If the US Re-Industrializes, China Will Be in Trouble

The U.S. and other Western countries are looking to set in motion plans to return to a more stable economy by using quick solutions to escape the shadows of the financial crisis and encourage new economic growth. Developed countries are trying to take advantage of industrialization by regaining international manufacturing competition, which will affect China’s dominance greatly.

The U.S. has long accounted for the world’s largest share of manufacturing. Peaking in the 1950s, the U.S. accounted for about 50 percent of the world’s manufacturing output. But as it developed, the U.S. began to slow down its industrialization, partially because of globalization but also because outsourcing production had become a major trend. As a result, the U.S. turned to a more service-oriented industry as the manufacturing industry in the U.S. continued to decline. Marking a loss in its status as the world’s biggest producer, its share of 19.4 percent of the world’s output was lower than China’s 19.8 percent in 2010.

This hollowing out of the manufacturing sector had a huge impact on the U.S. employment rate. Ever since the financial crisis, the unemployment rate has remained high. The Obama administration has been trying to raise the employment rate, but this has not helped much. The main reason that the industrial sector has been hollowed out is that many companies, including high-tech companies like Apple, have moved the vast majority of their production lines to emerging economies like China.

For this reason, the U.S. and Europe hope to regain their roles as the centers of world manufacturing through governmental re-industrialization strategies and remodeling their industry competitive advantages. The Obama administration plans to not only develop a renewable energy sector to facilitate the transition, but also to boost employment and promote energy conservation in response to the economic crisis. The U.S. also hopes to actively develop high-value manufacturing industries such as advanced manufacturing, intelligent manufacturing, renewable energy, biotechnology, information technology and other emerging industries to recreate a new and strongly competitive industrial sector.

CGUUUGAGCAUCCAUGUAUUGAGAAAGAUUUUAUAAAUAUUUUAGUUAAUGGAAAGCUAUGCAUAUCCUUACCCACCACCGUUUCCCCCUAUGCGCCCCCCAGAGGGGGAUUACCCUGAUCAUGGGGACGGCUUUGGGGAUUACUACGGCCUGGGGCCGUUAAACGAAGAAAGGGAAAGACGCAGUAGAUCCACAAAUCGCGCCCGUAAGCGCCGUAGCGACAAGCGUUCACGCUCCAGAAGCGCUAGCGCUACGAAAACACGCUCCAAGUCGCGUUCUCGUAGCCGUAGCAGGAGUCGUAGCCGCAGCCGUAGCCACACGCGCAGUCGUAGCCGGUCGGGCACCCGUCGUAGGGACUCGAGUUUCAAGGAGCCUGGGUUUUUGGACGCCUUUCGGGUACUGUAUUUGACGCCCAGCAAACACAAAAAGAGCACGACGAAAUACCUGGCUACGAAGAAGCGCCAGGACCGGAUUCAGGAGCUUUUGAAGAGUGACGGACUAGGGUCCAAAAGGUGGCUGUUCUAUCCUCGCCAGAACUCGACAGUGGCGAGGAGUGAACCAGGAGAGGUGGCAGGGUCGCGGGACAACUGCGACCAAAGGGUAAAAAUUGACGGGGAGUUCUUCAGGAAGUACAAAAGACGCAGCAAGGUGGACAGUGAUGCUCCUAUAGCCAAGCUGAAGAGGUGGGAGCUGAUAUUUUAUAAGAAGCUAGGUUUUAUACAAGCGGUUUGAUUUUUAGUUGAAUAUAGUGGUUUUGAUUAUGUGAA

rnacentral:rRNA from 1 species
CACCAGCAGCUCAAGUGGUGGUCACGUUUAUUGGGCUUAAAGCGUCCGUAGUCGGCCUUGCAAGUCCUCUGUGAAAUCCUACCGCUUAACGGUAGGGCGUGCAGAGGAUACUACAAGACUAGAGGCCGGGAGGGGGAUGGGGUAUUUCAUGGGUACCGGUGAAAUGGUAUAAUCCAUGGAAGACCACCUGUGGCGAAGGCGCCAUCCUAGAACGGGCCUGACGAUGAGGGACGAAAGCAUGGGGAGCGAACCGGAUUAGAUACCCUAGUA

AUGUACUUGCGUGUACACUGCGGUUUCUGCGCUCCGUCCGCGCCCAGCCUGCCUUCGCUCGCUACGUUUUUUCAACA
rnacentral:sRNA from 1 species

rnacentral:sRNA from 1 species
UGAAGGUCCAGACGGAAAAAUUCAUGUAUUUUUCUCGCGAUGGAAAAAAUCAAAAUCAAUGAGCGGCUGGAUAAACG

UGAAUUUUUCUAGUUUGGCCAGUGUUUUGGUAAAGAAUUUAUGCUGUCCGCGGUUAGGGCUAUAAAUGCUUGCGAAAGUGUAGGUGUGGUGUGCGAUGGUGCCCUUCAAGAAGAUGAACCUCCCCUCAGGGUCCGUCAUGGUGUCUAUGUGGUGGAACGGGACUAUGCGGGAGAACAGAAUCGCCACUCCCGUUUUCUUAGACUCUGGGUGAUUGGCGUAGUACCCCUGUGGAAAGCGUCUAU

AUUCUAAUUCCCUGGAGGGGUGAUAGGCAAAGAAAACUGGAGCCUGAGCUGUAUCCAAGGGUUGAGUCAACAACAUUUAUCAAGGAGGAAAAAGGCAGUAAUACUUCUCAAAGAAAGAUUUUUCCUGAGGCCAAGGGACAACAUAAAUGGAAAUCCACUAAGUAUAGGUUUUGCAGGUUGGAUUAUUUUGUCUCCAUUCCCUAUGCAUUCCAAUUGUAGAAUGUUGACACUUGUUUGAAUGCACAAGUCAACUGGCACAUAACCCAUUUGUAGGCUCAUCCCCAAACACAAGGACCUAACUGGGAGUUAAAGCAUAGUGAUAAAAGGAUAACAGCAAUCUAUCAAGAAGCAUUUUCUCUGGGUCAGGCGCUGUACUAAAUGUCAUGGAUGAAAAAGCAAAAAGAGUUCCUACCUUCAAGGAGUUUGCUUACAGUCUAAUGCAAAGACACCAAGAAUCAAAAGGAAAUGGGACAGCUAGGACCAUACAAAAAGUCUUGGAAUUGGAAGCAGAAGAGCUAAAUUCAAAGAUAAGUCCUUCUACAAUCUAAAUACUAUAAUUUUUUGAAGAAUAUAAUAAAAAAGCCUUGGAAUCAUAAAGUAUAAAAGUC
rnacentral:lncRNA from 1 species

As the U.S. begins to walk down the road of energy self-sufficiency, it plans to reduce the import of oil and gas from the Middle East and Canada in order to reduce production costs and its dependence on and exploitation of gas in the country. The combination of this transformation and re-industrialization will heavily promote the economic competitiveness of the U.S., which will have a huge impact on the world’s industrial division of labor as well as on China. In the future, high-end manufacturing in China will face extrusion from the U.S. and Europe, while also facing off with Southeast Asian countries in low-end manufacturing. Enormous challenges await as countries compete with each other to upgrade their industrial sectors.

Manufacturing in China leads the world right now, but with increased labor costs and new environmental standards, China will quickly lose its comparative advantage. If the U.S. launches its Trans-Pacific Strategic Economic Partnership Agreement successfully, the export market for China’s manufacturing industry is bound for demise as countries continue to increasingly outsource to Southeast Asian countries.

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